How to produce PDFs on Magento orders using a grid bulk action

We recently worked with a client who wanted to be able to print a pick list for orders placed in their Magento Store. Magento has a number of features that enable quick, printable versions of order information to be saved, or printed. However, it appeared that all of the options required the order to reach a certain point prior to being able to use them; for example, “Printing Packing Slips” or “Print Shipping Labels”. Both require a shipment to be raised, and as the client wanted to use this as a picking slip, we didn’t want this to have to happen.

Whilst these solutions didn’t offer exactly what we wanted, they did provide a template and an idea of the functionality we required. We wanted PDF downloads and we wanted to be able to select multiple orders at once and not have to click into each separate order to create the PDF.

The only change required to the invoice template was that we weren’t interested about billing information, and we required comments written by the customer whilst going through the checkout process.


So, we faced two challenges. Firstly, we needed to add a mass action to the orders grid. Secondly, we needed to create a multi-page PDF – depending on how many orders had been selected on the orders grid.

As mentioned, Magento already has a series of mass actions that can be applied to orders from the orders grid page.

As with all plugins, we need to start by creating a new folder in app/code/local/

We tend to keep all of our custom extensions together and use the Branded3 namespace, so we start with /app/code/local/Branded3/

Next, we’re going to add the folder for our extension. Let’s call it PrintPicking, and place it in the Branded3 namespace at /app/code/local/Branded3/PrintPicking/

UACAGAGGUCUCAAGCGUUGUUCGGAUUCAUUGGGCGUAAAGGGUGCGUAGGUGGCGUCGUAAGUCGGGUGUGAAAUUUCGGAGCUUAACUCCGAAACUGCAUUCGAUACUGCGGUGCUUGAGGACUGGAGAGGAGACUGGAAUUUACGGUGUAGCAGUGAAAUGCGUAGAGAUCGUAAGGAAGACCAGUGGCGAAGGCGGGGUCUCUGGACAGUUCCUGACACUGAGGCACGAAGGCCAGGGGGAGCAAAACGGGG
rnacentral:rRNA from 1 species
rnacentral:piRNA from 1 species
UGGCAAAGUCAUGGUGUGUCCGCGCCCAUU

Suffice to say, you can call it whatever you want.

We’ll split things down a little from now on for better understanding…

Adding a new mass action

There are two ways to add a new mass action to the orders grid. The first way is to extend the Sales Order Grid (Mage_Adminhtml_Block_Sales_Order_Grid). We’d do this by doing something like the following: /app/code/local/Branded3/PrintPicking/etc/config.xml

 
                <sales_order_grid>Branded3_PrintPicking_Block_Sales_Order_Grid
class Branded3_PrintPicking_Block_Sales_Order_Grid extends Mage_Adminhtml_Block_Sales_Order_Grid
{
 
protected function _prepareMassaction()
    {
        parent::_prepareMassaction();
 
        // Append new mass action option
        $this->getMassactionBlock()->addItem(
            'mymodule',
            array('label' => $this->__('Print Picking Slips'),
                  'url'   => $this->getUrl('mymodule/controller/action')
            )
        );
    }
}

Extending the Sales Order Grid is quick and easy; it’s also pretty dirty. The reason being – other plugins could already be extending the Sales Order Grid and adding new features. Features you might want to be using. So, you might need to extend their class and this then leads to dependency in your plugin which isn’t really something we want.

As with many programming solutions; there is always more than one way, and this solution will also leave other plugins to take control/add to the Sales Order Grid. We achieve this by using a Magento event instead. Specifically, core_block_abstract_to_html_before.

It’s worth mentioning that it’s always best practice to use event/observers whenever you can because it’s future proof. Whilst a core class such as Mage_Adminhtml_Block_Sales_Order_Grid is probably unlikely to change, the core event won’t, and we can keep adding events on top of events.

So let’s go ahead and look at the code that we need to control this. As suggested above, we’re looking at adding an event hook and pointing to our own observer function. Firstly, the config.xml for our extension – /app/code/local/Branded3/PrintPicking/etc/config.xml

 
<config>    
    <modules>
        <Branded3_Printpicking>
            <version>1.0</version>
        </Branded3_Printpicking>
    </modules>
 
    <admin>
        <routers>